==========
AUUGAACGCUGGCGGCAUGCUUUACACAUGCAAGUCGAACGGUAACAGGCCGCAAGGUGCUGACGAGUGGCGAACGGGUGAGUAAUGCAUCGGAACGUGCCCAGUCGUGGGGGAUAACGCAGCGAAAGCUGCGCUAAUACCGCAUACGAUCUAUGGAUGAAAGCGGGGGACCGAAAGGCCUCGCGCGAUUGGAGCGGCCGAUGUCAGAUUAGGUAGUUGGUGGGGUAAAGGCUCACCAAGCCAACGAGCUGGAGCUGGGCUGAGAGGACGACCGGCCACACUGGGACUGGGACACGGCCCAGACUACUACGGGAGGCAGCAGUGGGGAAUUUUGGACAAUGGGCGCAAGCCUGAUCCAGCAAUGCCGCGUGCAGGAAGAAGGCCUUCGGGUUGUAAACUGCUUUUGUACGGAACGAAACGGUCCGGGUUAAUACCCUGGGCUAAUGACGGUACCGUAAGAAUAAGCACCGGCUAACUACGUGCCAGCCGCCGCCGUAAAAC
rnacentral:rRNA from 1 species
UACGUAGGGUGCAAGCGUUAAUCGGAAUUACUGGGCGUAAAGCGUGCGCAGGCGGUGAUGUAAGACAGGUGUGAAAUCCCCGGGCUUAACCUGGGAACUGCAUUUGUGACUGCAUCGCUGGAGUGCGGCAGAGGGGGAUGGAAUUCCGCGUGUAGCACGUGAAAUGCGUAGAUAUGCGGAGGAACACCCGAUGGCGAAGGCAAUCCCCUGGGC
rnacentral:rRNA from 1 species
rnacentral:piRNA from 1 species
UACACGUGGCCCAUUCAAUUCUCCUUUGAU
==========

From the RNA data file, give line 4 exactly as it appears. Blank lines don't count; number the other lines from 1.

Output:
rnacentral:rRNA from 1 species